Peak everything (water, soil, nitrogen, you name it) has a lot to do with how buildings are built and cities are planned. We can't allow these 10 green things to be left in a vacuum without the perspective that there will be many more haves not than haves, within this country and throughout the world. Capitalism and corporatism have largely failed, and that reality just is never really brought into planning or green circles. Slow Money is not some far-fetched concept. Relocalizing and community bill of rights and the rights of nature and the rights of the poor will continue to plague the yuppies and new urbanists who just love tidy plans and tidy mixed-use neighborhoods. This economic imbalance will cause resentment, exploitation and strife. We're talking about planners actually looking at the disenfranchised youth and the unemployed young male as part of the planning process. This is not just some workforce challenge; it will challenge civil society on all levels.
So, those other E's of the Five? Environment? Acidification of oceans, fisheries collapsing, and major water shortages and agricultural collapses? Our lives must be strategically planned around the fact that we need to prepare for a world that's 7 degrees F warmer, where 850 to 1,000 ppm CO2 will be the limit of our atmosphere in 90 years. Plan for those scenarios. Planners and greenies need to bit the bullet and cross-pollinate and get on political boards and start writing more letters to the editor and create their own Web TV network if change is to occur. Look, the Southwestern USA will be in a continual drought, and temperatures will be over 105 degrees 100 days straight. Chicago having Austin, Texas, like weather in 40 years? Come on, plan for this through bio-regionalism, and begin talking about climate change as real threat to all city and urbanism plans and concepts.
It’s too much to go over the equity issue, the other E in Sustainability. And the energy E. We do dwell on the E for Economy way too much. But integrate these under girders into all sustainability discussions, all talk about land use and ecological and bio-regional planning. Planners need to wake up, get backbone, be activists, and fight for communities and stick together and defy politicians and lawyers.
So your heart and CAD images of a new urbanism world are in the right position, but you just fail to see the asymmetrical problems and unintended consequences of a culture that still suffers from a psychology of pre-investment and fails to embrace steady state economics and permaculture. Chronic drought and chronic unemployment in spots around the world and in our country have everything to do with some grandly designed Portland or Vancouver. We have to stop a country of hyper competitive municipalities and chambers of commerce and building and construction industries that have an eye on huge financial gains. We need planners who see a world where making 3 percent profit is not the most terrible thing. New urbanism is really microcosmic. Think bigger.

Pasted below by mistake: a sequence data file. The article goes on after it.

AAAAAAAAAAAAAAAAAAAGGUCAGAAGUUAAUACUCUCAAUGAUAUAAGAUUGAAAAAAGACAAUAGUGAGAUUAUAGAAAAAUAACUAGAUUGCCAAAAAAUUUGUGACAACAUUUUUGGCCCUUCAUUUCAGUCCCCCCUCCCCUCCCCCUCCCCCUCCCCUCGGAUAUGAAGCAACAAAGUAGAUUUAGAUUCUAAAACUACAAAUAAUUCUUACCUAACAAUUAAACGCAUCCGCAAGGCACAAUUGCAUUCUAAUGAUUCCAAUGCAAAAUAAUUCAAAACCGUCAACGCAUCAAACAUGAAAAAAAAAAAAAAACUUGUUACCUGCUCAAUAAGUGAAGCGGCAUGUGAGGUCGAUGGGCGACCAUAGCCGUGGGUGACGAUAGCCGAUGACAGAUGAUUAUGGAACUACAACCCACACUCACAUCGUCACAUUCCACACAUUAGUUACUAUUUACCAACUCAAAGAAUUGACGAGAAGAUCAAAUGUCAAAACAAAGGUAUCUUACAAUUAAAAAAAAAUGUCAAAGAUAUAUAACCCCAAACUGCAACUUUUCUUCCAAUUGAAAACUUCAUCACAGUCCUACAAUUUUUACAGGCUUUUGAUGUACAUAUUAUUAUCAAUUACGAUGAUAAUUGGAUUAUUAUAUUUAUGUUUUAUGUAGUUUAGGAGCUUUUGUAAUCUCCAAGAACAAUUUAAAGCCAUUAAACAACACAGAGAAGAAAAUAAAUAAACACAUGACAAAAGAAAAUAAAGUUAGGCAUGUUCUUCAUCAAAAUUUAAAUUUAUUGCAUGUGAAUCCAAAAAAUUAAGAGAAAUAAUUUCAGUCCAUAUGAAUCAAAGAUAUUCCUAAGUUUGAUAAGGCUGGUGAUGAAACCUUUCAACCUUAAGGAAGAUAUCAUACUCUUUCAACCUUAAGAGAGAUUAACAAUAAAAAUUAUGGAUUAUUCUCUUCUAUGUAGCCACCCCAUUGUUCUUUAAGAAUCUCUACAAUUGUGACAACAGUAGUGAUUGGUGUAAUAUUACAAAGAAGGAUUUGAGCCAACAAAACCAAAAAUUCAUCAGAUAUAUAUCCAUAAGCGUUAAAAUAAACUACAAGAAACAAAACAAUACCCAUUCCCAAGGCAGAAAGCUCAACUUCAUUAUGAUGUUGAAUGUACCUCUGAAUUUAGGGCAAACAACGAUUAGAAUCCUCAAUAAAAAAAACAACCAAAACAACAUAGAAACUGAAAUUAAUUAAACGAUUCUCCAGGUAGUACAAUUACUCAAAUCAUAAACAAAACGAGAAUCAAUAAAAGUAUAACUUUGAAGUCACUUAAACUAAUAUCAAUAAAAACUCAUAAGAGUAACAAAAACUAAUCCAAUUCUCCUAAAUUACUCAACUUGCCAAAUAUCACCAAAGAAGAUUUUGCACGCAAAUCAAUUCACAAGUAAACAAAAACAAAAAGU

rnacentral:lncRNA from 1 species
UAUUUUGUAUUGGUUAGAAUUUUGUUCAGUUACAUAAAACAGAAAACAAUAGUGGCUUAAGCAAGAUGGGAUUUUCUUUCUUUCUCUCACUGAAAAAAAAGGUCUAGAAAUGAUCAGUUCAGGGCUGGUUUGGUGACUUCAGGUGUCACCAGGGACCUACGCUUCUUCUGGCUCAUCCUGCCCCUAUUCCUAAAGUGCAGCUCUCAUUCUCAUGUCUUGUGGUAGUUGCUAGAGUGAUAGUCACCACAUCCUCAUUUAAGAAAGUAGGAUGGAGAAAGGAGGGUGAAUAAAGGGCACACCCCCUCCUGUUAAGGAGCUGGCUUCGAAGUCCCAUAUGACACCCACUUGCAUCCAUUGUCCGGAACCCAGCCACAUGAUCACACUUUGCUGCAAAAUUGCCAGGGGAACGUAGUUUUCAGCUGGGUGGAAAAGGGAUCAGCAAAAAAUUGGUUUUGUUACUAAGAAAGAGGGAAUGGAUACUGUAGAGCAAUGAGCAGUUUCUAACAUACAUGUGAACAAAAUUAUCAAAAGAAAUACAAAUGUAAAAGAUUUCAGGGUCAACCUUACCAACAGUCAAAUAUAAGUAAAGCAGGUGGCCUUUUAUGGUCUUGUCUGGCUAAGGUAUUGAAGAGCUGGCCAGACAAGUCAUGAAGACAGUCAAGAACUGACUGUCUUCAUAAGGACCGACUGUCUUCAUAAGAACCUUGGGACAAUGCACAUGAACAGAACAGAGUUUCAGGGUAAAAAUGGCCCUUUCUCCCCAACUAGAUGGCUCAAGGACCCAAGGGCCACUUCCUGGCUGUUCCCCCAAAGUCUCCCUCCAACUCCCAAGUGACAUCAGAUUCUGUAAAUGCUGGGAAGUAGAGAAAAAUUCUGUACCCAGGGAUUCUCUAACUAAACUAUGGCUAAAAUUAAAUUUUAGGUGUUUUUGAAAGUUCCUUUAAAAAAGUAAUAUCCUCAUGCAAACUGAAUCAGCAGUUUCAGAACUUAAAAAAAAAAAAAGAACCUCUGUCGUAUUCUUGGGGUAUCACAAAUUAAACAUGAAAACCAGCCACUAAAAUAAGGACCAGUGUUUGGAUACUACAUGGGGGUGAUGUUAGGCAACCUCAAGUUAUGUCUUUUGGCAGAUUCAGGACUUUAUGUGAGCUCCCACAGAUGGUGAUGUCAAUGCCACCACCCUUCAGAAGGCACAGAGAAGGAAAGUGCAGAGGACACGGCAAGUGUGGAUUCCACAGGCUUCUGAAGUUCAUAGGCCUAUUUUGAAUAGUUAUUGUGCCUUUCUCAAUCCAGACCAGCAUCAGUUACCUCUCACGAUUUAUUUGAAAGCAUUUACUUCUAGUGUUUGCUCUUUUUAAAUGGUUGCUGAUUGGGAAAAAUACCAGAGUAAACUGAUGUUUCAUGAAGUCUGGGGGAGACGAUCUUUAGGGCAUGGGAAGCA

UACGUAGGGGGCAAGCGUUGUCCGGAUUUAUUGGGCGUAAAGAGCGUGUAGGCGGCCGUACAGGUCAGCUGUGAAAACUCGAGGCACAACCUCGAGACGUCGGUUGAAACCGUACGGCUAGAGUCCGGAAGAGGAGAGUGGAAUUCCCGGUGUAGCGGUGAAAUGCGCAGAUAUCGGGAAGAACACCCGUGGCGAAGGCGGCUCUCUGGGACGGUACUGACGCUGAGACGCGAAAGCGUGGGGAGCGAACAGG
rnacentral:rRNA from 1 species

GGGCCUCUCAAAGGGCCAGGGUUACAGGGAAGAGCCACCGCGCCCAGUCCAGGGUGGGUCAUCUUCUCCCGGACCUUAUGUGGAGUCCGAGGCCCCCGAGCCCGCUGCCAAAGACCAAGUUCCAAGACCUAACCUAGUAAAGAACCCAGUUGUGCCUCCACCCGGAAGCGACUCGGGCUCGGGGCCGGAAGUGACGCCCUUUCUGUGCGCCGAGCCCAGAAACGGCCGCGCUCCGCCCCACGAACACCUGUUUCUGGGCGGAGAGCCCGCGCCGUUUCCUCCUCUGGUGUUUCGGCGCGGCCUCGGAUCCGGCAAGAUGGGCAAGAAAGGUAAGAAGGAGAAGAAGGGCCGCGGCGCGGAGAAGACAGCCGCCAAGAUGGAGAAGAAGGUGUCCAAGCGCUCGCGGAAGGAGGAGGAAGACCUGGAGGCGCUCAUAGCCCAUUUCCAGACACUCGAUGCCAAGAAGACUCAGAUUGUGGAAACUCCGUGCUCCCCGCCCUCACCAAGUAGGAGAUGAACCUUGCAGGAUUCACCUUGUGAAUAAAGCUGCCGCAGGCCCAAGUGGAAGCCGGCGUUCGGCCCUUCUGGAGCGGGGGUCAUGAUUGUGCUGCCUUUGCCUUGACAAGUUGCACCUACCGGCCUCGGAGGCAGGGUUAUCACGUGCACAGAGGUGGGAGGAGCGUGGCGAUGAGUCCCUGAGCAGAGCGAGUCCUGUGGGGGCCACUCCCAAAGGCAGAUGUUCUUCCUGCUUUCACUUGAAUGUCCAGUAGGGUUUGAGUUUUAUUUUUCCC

Sunday, January 3, 2010 - 11:01 PM
Nancy, check this one: Parks and Sustainable Places
It's not all you're suggesting (I'll follow up... thanks!) but it's a start.
PK, I'm not quite sure where to start. Your 5 e's (education, environment, equity, energy, and economy) are all highly laudable aspirations... no quarrels from me on that at all. But what this post is trying to identify is 10 important green trends that may occur in 2010, as opposed to aspirations, which may not take place until much later. But let's get back to what you said... I have no problem with anything you mentioned... except for the fact that it's all so theoretical that I'm struggling to make it real. What's bio-regionalism? We might be doing that already, if I knew what you meant by that. Embracing steady-state economics? Look at the Problem with Consumption blog post a few months ago. It crisply lays our current consuming economy against a conserving economy, which is what I think you're calling for here. Relocalizing? Read back through the blog posts here, and you'll find many calls for things resolved locally rather than globally. Bottom line is, I think we're agreeing... if I only knew what you really mean by the terms you're using.
Monday, January 4, 2010 - 06:02 PM
Excellent post, Steve!
Tuesday, January 5, 2010 - 03:04 PM
Thanks, Chad! And thanks to the sites like Planetizen that have picked up this post! It's also generating lots of re-Tweets on Twitter.
Wednesday, January 6, 2010 - 03:06 PM
Excellent Top 10 Steve!
I fear that we as a nation have forgotten many of the important skills we are going to need in the not so distant future (for example #10 local manufacturing, #6 Gardening etc...all 10 really!). It reminds me of a story about places in Eastern Europe where suddenly, for some reason, there was no one who knew how to make bread in the late 20th century! We are in an interesting position now because the majority of people alive today do not have the traditional knowledge of these basic things that were common place just 100 years ago. Most people know how to create little or else none of the things they use and need daily. A lot has been lost and a lot has been foolishly thrown out in just a few generations. Its tragic really. Just as the secret of concrete was lost with the fall of the Roman Empire and not rediscovered again for centuries, our negligence as a nation is going to cause us to loose much. Your efforts to keep traditional wisdom alive can't be appreciated enough. Thank you.
Wednesday, January 6, 2010 - 10:24 PM